One of the things I’ve always told me kids is that when it comes to costuming and dresses, I’m more than happy to make whatever they can dream up. So, this senior prom, my daughter and I collaborated on her dress, mostly I listened to what -exactly- she wanted and then did the sewing.
She wanted a peplum built into the dress, based on a dress she’d fallen for on Pinterest. It’s easier for me to start with a patten and modify from there so we found this Vogue 8849 pattern to be the closest version of what she wanted. We both fell in love with the burgundy satin but ended up sewing it inside out because we liked the flat (matte) look to the fabric better than the shiny side.
A big adjustment we had to make was on the sleeves. She wanted a try small cap sleeve, not found in the pattern, so using the available sleeve pattern piece, we shortened it up with pencil right on the pattern piece and went from there.
The sleeve turned out just the size she was picturing. Note: when modifying a pattern don’t forget about seam allowances. (I had to make the sleeves multiple times to get it right.) Also, we easily changed the neckline with a chalk line when cutting. We didn’t want the V in the front to dip down enough to show the corset she was wearing (the corset seemed a bit higher in the front) and she definitely wanted the snug, smooth look of a corseted foundation.
The upper peplum, I changed the pattern to make it two entire peplum pieces sewn together, turned right side out and pressed. For both peplums. The fabric felt so lightweight I thought the weight of two layers of satin might help the way the whole thing hung.
Ahh, the trusty dress form, indispensable at moments and in dressmaking projects like this one. Especially when modifying or making up patterns. Remember, it’s always better to measure it all out before sewing… and avoid picking out seams later.
The lower peplum was a bit tricky. The pattern called for a knee length peplum and I needed one that went to the floor. Here you can see my chalk lines as I puzzled it out. The main idea was to follow the curve of the pattern and make the inside of the curve extend the number of inches from the knee to the floor. Better a bit too long than too short when drawing and then cutting.
Because I was extending the dress to the floor, there needed to be some extra fabric at the bottom of the skirt or a slit, so she could walk more than a few inches at a time. As you can see in the picture, I left the sides open, my plan was to add a triangle shaped extension on each side. I wanted to keep the skirt straight in the front and flowy, hopefully extending the peplum in a train sort of way toward the back.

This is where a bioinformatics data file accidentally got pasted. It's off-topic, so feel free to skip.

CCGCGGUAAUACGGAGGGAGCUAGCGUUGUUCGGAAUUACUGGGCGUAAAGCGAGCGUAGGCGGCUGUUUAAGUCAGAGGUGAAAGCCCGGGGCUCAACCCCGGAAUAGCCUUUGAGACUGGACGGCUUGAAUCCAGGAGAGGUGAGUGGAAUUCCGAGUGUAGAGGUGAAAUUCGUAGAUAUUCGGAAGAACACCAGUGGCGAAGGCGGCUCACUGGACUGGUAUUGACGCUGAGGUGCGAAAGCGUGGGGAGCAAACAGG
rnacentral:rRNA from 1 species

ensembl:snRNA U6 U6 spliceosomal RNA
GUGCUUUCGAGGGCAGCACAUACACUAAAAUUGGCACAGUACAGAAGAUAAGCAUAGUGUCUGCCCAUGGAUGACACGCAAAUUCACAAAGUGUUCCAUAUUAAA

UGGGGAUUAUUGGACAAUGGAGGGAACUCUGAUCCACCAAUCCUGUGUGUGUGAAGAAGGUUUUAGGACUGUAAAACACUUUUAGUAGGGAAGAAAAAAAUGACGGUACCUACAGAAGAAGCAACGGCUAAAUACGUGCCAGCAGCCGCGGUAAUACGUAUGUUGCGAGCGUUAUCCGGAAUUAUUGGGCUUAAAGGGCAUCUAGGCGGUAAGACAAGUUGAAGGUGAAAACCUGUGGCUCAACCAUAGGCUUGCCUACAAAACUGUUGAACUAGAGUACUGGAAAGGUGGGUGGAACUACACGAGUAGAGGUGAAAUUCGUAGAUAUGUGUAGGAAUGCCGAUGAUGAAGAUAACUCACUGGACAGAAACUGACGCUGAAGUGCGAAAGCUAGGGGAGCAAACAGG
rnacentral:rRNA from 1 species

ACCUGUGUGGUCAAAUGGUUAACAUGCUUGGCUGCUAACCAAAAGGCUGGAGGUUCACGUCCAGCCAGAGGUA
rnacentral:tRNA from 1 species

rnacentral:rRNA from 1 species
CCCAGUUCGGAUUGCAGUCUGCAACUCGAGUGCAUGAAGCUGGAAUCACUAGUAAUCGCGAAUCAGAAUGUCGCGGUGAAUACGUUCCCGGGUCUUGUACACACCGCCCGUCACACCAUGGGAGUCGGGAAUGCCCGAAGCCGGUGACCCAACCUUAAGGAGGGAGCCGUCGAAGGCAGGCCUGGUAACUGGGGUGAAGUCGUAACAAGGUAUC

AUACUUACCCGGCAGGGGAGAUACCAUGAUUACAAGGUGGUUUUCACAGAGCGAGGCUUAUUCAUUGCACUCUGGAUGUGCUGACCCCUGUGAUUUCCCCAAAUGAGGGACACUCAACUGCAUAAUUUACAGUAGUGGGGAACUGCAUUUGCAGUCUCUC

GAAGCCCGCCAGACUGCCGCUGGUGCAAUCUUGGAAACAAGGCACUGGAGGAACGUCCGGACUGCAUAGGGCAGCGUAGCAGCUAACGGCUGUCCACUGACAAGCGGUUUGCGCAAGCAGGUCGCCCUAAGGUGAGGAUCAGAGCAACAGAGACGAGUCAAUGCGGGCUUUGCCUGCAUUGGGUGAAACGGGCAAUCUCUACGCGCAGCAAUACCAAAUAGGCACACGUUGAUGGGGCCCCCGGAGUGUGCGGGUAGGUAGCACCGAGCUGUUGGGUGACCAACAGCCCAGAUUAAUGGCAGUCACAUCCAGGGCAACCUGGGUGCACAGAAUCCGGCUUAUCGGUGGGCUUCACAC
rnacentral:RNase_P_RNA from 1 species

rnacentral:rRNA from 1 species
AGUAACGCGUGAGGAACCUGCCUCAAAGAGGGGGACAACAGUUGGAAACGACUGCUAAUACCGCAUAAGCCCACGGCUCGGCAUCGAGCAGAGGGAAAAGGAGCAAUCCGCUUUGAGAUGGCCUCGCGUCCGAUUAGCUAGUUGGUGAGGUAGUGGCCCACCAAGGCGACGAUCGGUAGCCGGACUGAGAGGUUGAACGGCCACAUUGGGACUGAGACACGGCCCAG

She wanted gold embroidered embellishments for the dress. Luckily, we found ourselves in downtown LA’s fashion district for spring break and had a great selection to choose from, at great prices too. Here, we’re pinning and trying to figure out placement.
You can see where she got the idea for gold embroidered details (below), we followed what we saw from the Pinterest picture but had to make up the front.
I think you’ll probably agree, the dress looks much better on the girl than on the dress form- it fits like a glove! I think she tried it on for me (with corset) no fewer than 10 times. If you’ve got the body readily available- try on a dress as much as possible in the sewing process for the best fit.
You can see the triangles to add width at the bottom in this picture. Perhaps not the best looking part of the dress but very secondary (visually) and she didn’t complain about not being able to walk so we’ll call it good.
View from the back and without her very high heels. The length was just perfectly about an inch off the floor with shoes on, and not in a grassy field.
The very talented Julia Smith Floral did the flowers -*swoon*-. The bouquet was to indulge ourselves for photo ops, and not necessarily to take to the dance. The bouquet was lilacs, ranululus, magnolias, roses and in the most gorgeous array of colors to stand out and highlight the dress. It smelled very nice too.The braid crown was woven with apple blossoms and small ranululus, to cover the end of the braid, and look awesome. A crown braid looks good but always better with flowers.
A success, I say! So fun to work with my daughter on this project and puzzle through all the challenges and thrills of dressmaking, hairdo, makeup and flowers of the whole essential high school event that is prom. A special thanks to Jordan (her prom date) for cheerfully indulging our photo snapping and letting us take about 456 pictures of the two of you!